I search for M.o.E. More accurately, I anticipate M.o.E.  I suppose a bit of clarification is appropriate before you throw up your hands and unfollow me, wondering what I mean by M.o.E.

M.o.E. stands for Moment of Eruption. Moment of Eruption is when a warming Lava Lamp releases its first bits of lava. I have thus far witnessed only the afterbirth of this event, but I imagine the event itself to be somewhat transcendent. I glance over at the lamp in between whatever academic sentences I happen to be writing and only ever see the lava swelling evocatively or in a state of having already erupted. I’ve thought a lot about why this is such a big deal to me and I’ve settled on the idea that I dream big, hypnotic dreams that distract me from my actual life and the eruption of a lava lamp is quite similar to this. For instance, the M.o.E. I missed while writing this post resulted in what appears to be intestines rising from the surface of the lower lava clump to the underside of the colored fluid.

Dreams swell. They erupt. Imagining success, you stare at them but they often remain frozen in place for a time that seems interminable. Then, before you know it, massive blobs of success are floating to the top of your life Lava Lamp. They undulate as they ascend, representing the mild hiccups that every dream endures, but, try as you might, you simply cannot remember the M.o.E., or time before fruition.

Weakly put, perhaps, but I’m sure you get a sniff of the philosophy I wish to convey.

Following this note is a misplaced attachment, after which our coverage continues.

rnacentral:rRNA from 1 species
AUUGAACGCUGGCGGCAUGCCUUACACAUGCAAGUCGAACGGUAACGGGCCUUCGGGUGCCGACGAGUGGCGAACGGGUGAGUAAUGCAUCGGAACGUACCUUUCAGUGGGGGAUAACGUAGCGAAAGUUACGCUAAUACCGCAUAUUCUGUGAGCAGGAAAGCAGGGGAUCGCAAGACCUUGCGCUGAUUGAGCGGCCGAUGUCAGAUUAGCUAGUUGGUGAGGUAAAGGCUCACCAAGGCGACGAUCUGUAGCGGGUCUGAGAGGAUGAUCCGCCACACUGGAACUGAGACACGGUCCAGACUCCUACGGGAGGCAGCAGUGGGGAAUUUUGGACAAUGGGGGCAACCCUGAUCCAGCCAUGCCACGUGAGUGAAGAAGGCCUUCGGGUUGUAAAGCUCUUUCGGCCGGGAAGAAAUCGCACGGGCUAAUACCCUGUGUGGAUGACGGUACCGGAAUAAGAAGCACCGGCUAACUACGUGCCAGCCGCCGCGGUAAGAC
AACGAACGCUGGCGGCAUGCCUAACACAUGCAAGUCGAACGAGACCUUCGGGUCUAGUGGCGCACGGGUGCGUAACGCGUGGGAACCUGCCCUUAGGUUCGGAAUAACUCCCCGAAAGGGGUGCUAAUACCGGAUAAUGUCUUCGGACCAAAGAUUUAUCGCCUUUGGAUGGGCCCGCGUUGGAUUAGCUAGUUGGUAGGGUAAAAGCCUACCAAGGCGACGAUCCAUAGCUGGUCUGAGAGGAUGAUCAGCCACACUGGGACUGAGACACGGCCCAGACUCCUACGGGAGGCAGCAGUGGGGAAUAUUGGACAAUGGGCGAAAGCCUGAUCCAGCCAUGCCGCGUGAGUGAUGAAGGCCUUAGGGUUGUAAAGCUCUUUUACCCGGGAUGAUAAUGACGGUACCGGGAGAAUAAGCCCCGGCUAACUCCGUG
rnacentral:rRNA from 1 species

On to girls named Roger…

I was shaving before work the other day when my 8 year old daughter, still needing to eat her breakfast even though school was only 20 minutes away, came to the bathroom holding back tears.

“What’s wrong?” I asked, worried.

My daughter hemmed and hawed for a while before saying, “Brother said ‘The girls are named Roger.’ Wah wah wah waaaaaaaah.”

“Are you named Roger?”, I asked.

…”No”…

“Then don’t worry about it.”

-sniffle- -sniffle- “Ok.”

I bid you adieu…and a don’t.

Adieu…endure despite the setbacks. I’ve been telling my daughter for years that what other people say doesn’t matter. She still thinks that it’s worth being offended that her brother thinks her name is Roger.

A don’t…discount their feelings. But definitely let them know when they’re being absolutely ridiculous.

Oh the Humanity of the Humanities: A Terrible Title for a Touching Post

Oh irony of ironies. As I opened what I thought was a new notebook to take notes on the Humanities class I just started (a class that studies the intricacies of human expression, I must add) I was greeted by a very simple, and yet sublime, human expression.

“Princess Sparklel (*sparkle) Farts”.

I haven’t laughed as hard as I did in quite a while. My wife laughed also. This one won’t go on the refrigerator though.

Her Majesty deserves a place of honor. She shall be framed in the finest dollar store frame and hung prominently upon our living room wall.

Although I don’t know the period during which the piece was produced, I can comment on the context.

Recently, my son ran up to me as I sat in the bleachers watching my daughters cheer a football game. He said, in front of God and everybody, “Let’s have a farting party!” I expressed extreme distaste in regards to my participating in such an event. My son promptly jammed his hand up his shirt and produced several armpit farts. As my son continued to squelch and giggle, I adopted a somber expression and sternly spoke his name. His farting party came to a screeching halt as he prepared to receive a reprimand. “Do you know what happens after a farting party?” He slowly shook his head. “People have been farting all night and, as they begin to leave, they find themselves parting farty.” A strange smile lay upon his lips and he uttered a half-hearted final giggle before running off to find his mother.